Bharti sees itself as a “minute factory”; where they can extract high revenues, even though the ARPUs are low, by producing more minutes. To better understand this model, imagine telecom networks as factories producing minutes, whereby they try to maximize network utilization by maximizing the minute of usage per subscriber (MOUs). MOUs are a function of tariffs, so by gradually reducing the tariffs the consumption of minutes increase.
The USD10.7 billion offer disappointed Bharti’s shareholders and the share price fell after the announcement. Bharti defended their decision by stating that they are seeking less competitive markets than India, higher ARPUs and lower penetrations.
Although the penetration rate in India is 45% and the penetration in Africa is 36%, there is more room for growth in India as 650 million Indians are non-mobile users, as compares to 300 million in Africa only.
Given the profile and track record of Bharti, they me be able to do a better job than Zain; but is it worth USD10.7 billion? We just have to wait and see…

Mashreq confident of cases against Ahab and Saad

Dubai-based Mashreq Bank, which has lodged cases with the Dubai Courts' Commercial Court against Saudi family-owned firm Ahmad Hamad Algosaibi and Brothers Company (Ahab), and billionaire Maan Al Sanea and his Saad Trading for a combined Dh2 billion, is confident of its cases here as well in the US, a bank official toldEmirates Business.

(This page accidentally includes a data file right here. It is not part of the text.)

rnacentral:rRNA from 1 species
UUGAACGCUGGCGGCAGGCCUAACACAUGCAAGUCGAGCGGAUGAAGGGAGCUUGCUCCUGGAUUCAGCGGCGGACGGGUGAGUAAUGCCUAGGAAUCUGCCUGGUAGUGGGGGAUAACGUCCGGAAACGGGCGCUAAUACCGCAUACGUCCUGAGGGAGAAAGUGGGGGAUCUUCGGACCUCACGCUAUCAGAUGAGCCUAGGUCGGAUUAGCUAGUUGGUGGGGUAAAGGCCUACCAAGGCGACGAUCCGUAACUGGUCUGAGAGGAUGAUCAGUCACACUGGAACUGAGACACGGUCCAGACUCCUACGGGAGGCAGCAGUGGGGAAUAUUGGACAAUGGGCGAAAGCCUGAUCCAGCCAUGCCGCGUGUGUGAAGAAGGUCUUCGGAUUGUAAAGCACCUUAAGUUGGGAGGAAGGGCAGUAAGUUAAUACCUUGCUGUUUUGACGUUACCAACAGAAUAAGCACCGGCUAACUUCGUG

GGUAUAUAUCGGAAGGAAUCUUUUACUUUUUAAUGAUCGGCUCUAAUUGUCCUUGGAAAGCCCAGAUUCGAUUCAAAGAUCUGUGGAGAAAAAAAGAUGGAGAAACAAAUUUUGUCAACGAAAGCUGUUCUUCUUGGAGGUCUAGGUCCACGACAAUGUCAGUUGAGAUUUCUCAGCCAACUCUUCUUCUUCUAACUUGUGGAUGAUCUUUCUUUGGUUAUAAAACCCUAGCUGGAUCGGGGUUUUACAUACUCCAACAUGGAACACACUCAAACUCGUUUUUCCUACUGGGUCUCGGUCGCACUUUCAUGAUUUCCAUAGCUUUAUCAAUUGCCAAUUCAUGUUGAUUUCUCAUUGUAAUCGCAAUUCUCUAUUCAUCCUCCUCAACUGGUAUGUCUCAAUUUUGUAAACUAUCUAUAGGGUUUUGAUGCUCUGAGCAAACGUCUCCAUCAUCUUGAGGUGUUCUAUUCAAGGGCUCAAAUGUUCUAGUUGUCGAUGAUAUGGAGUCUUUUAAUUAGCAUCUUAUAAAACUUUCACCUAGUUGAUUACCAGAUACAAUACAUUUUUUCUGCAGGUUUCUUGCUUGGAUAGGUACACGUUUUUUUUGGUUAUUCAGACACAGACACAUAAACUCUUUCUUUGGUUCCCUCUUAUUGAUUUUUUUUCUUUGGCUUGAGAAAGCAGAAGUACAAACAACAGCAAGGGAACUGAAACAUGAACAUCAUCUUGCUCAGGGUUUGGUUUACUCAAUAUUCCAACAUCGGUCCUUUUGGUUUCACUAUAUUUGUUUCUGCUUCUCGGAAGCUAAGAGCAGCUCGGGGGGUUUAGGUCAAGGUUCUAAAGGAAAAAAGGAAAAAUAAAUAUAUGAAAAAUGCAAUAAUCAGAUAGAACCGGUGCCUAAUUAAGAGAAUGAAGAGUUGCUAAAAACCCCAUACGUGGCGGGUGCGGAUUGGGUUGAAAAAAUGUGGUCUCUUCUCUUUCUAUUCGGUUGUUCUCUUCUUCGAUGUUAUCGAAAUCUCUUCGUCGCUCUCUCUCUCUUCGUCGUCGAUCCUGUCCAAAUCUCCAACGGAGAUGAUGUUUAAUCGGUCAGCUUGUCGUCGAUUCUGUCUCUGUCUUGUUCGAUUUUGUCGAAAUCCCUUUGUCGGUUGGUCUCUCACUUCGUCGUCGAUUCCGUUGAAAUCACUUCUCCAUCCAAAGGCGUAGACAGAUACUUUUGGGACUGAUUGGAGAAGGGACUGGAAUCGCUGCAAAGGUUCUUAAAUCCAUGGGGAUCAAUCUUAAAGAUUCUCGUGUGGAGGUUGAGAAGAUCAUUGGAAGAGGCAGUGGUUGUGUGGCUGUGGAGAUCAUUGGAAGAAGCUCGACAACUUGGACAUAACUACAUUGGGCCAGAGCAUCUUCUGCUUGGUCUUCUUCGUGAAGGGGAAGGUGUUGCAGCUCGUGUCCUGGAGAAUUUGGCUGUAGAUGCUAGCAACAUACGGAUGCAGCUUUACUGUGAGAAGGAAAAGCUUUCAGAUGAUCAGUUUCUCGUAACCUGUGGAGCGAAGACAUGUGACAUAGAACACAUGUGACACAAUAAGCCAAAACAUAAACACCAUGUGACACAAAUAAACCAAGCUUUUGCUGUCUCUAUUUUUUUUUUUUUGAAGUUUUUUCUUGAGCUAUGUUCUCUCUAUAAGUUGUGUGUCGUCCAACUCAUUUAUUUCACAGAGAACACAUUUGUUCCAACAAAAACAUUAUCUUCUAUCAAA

"We are very confident of our case both here and in the US," the official said, adding the bank had filed the lawsuits "to recover the funds owed to Mashreq".

The bank, the largest in Dubai by market capitalisation (as of February 17, 2010), made provisions of Dh2.1bn for bad loans, including those to the Saudi family groups, in 2009, 480 per cent more than the Dh362 million it provisioned in 2008.

Most firms here are transparent (Interview)

All in all the worst is over. We are unlikely to see the magnitude of rating action of 2009, Philipp Lotter, Senior Vice-President, Moody's Middle East, told Emirates Business. "In fact, most of the companies that we rate are good as regards transparency," he said. However, transparency still needs to be improved but that is not a Gulf-specific issue. Parts of Europe were not transparent some years back. That comes with the gradual development in the market, he added.

So there are chances that some ratings may face downgrades in the near term because of the economic circumstances. Abu Dhabi government-related entities are also under review for downgrades. "There is a chance that some or all those ratings may face downgrades over the near term," he said. "What we are looking in Abu Dhabi is the willingness and not the ability to support."